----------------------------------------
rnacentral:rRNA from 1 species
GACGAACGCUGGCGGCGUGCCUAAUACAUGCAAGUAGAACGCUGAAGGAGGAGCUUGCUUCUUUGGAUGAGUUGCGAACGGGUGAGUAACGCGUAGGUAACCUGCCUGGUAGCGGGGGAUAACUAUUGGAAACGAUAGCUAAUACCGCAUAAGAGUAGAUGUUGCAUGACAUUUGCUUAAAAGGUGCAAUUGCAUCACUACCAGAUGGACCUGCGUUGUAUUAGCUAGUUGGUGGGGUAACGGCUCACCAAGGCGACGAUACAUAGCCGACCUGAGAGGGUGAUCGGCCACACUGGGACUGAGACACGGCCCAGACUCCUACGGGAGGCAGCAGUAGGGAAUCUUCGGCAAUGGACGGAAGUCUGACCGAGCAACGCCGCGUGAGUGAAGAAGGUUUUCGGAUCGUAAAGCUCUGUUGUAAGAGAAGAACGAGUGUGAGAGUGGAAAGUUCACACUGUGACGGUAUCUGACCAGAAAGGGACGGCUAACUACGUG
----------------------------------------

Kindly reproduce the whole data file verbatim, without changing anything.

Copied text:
rnacentral:rRNA from 1 species
GACGAACGCUGGCGGCGUGCCUAAUACAUGCAAGUAGAACGCUGAAGGAGGAGCUUGCUUCUUUGGAUGAGUUGCGAACGGGUGAGUAACGCGUAGGUAACCUGCCUGGUAGCGGGGGAUAACUAUUGGAAACGAUAGCUAAUACCGCAUAAGAGUAGAUGUUGCAUGACAUUUGCUUAAAAGGUGCAAUUGCAUCACUACCAGAUGGACCUGCGUUGUAUUAGCUAGUUGGUGGGGUAACGGCUCACCAAGGCGACGAUACAUAGCCGACCUGAGAGGGUGAUCGGCCACACUGGGACUGAGACACGGCCCAGACUCCUACGGGAGGCAGCAGUAGGGAAUCUUCGGCAAUGGACGGAAGUCUGACCGAGCAACGCCGCGUGAGUGAAGAAGGUUUUCGGAUCGUAAAGCUCUGUUGUAAGAGAAGAACGAGUGUGAGAGUGGAAAGUUCACACUGUGACGGUAUCUGACCAGAAAGGGACGGCUAACUACGUG